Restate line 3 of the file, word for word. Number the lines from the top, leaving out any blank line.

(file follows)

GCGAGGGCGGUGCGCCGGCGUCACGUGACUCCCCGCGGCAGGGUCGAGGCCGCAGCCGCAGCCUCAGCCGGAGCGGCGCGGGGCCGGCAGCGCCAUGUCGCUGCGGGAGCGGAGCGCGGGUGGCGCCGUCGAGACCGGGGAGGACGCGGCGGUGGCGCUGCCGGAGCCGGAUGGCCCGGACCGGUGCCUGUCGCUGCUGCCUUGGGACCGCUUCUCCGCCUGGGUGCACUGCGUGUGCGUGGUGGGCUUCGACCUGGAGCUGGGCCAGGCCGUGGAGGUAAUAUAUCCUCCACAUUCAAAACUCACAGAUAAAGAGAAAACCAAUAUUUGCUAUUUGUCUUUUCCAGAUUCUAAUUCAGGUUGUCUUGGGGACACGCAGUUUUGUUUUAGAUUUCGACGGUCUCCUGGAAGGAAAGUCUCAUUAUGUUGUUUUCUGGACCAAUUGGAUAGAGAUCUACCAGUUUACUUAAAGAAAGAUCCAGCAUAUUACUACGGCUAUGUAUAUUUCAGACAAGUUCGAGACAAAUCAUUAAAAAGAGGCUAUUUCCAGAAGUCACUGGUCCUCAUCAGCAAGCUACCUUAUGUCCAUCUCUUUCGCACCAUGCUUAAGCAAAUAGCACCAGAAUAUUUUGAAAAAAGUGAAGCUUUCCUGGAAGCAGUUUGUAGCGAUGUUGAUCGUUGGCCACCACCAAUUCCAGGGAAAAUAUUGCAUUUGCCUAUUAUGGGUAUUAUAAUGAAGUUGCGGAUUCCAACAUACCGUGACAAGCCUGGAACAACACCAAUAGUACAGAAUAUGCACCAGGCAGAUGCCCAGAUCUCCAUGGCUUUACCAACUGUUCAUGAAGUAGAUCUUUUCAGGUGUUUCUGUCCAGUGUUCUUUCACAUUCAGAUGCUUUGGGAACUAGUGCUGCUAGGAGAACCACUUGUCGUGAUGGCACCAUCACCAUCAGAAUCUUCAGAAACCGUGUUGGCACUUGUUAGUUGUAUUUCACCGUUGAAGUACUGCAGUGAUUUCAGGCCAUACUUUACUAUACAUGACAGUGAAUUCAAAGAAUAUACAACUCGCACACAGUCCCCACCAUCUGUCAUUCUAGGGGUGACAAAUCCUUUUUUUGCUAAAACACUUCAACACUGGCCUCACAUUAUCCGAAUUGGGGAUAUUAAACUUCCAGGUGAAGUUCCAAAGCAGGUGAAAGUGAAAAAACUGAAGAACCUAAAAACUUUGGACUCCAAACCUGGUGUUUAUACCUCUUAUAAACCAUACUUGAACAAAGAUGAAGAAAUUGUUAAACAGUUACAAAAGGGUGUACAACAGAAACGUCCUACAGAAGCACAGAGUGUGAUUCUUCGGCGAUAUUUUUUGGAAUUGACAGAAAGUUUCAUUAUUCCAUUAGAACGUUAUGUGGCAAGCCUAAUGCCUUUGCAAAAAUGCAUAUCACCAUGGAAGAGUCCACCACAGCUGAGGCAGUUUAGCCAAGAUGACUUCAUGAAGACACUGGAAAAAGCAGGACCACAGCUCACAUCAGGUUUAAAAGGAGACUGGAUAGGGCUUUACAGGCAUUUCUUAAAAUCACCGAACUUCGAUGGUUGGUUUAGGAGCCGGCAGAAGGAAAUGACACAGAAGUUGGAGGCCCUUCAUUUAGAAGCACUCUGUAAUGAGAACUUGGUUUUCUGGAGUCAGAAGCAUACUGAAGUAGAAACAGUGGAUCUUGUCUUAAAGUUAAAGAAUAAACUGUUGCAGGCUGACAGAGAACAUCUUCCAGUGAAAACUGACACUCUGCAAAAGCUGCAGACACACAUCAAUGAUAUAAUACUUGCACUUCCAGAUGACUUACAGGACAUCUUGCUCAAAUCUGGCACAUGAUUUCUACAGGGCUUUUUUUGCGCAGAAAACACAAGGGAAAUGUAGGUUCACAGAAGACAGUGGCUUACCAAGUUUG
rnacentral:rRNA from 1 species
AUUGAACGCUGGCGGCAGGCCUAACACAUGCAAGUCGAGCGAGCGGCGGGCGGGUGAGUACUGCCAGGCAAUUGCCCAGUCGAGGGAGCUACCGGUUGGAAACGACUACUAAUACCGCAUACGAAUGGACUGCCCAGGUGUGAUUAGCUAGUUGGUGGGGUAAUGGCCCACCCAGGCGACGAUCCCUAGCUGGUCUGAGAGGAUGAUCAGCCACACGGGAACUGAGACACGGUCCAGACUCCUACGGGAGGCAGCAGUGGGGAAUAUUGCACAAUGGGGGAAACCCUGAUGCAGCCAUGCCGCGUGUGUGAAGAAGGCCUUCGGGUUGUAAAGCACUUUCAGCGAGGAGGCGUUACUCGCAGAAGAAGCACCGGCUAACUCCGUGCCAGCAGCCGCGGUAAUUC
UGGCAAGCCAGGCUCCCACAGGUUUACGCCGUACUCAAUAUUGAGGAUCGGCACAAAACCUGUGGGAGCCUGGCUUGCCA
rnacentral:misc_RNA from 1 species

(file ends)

AUUGAACGCUGGCGGCAGGCCUAACACAUGCAAGUCGAGCGAGCGGCGGGCGGGUGAGUACUGCCAGGCAAUUGCCCAGUCGAGGGAGCUACCGGUUGGAAACGACUACUAAUACCGCAUACGAAUGGACUGCCCAGGUGUGAUUAGCUAGUUGGUGGGGUAAUGGCCCACCCAGGCGACGAUCCCUAGCUGGUCUGAGAGGAUGAUCAGCCACACGGGAACUGAGACACGGUCCAGACUCCUACGGGAGGCAGCAGUGGGGAAUAUUGCACAAUGGGGGAAACCCUGAUGCAGCCAUGCCGCGUGUGUGAAGAAGGCCUUCGGGUUGUAAAGCACUUUCAGCGAGGAGGCGUUACUCGCAGAAGAAGCACCGGCUAACUCCGUGCCAGCAGCCGCGGUAAUUC